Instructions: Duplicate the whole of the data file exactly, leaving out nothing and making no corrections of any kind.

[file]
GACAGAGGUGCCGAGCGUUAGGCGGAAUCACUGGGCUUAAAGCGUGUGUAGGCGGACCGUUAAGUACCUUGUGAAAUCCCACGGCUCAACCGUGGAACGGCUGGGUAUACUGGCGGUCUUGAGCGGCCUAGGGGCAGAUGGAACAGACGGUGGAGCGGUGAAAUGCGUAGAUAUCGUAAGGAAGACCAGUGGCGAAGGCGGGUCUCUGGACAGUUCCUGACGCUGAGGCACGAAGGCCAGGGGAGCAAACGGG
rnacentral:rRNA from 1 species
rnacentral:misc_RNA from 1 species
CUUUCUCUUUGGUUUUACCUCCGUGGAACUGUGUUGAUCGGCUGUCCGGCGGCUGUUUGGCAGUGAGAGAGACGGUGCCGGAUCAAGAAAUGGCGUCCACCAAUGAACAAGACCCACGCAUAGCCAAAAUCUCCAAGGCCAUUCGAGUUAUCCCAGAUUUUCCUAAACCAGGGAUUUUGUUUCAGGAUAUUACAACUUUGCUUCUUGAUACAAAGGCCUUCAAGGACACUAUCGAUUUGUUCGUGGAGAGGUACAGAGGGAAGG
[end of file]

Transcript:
GACAGAGGUGCCGAGCGUUAGGCGGAAUCACUGGGCUUAAAGCGUGUGUAGGCGGACCGUUAAGUACCUUGUGAAAUCCCACGGCUCAACCGUGGAACGGCUGGGUAUACUGGCGGUCUUGAGCGGCCUAGGGGCAGAUGGAACAGACGGUGGAGCGGUGAAAUGCGUAGAUAUCGUAAGGAAGACCAGUGGCGAAGGCGGGUCUCUGGACAGUUCCUGACGCUGAGGCACGAAGGCCAGGGGAGCAAACGGG
rnacentral:rRNA from 1 species
rnacentral:misc_RNA from 1 species
CUUUCUCUUUGGUUUUACCUCCGUGGAACUGUGUUGAUCGGCUGUCCGGCGGCUGUUUGGCAGUGAGAGAGACGGUGCCGGAUCAAGAAAUGGCGUCCACCAAUGAACAAGACCCACGCAUAGCCAAAAUCUCCAAGGCCAUUCGAGUUAUCCCAGAUUUUCCUAAACCAGGGAUUUUGUUUCAGGAUAUUACAACUUUGCUUCUUGAUACAAAGGCCUUCAAGGACACUAUCGAUUUGUUCGUGGAGAGGUACAGAGGGAAGG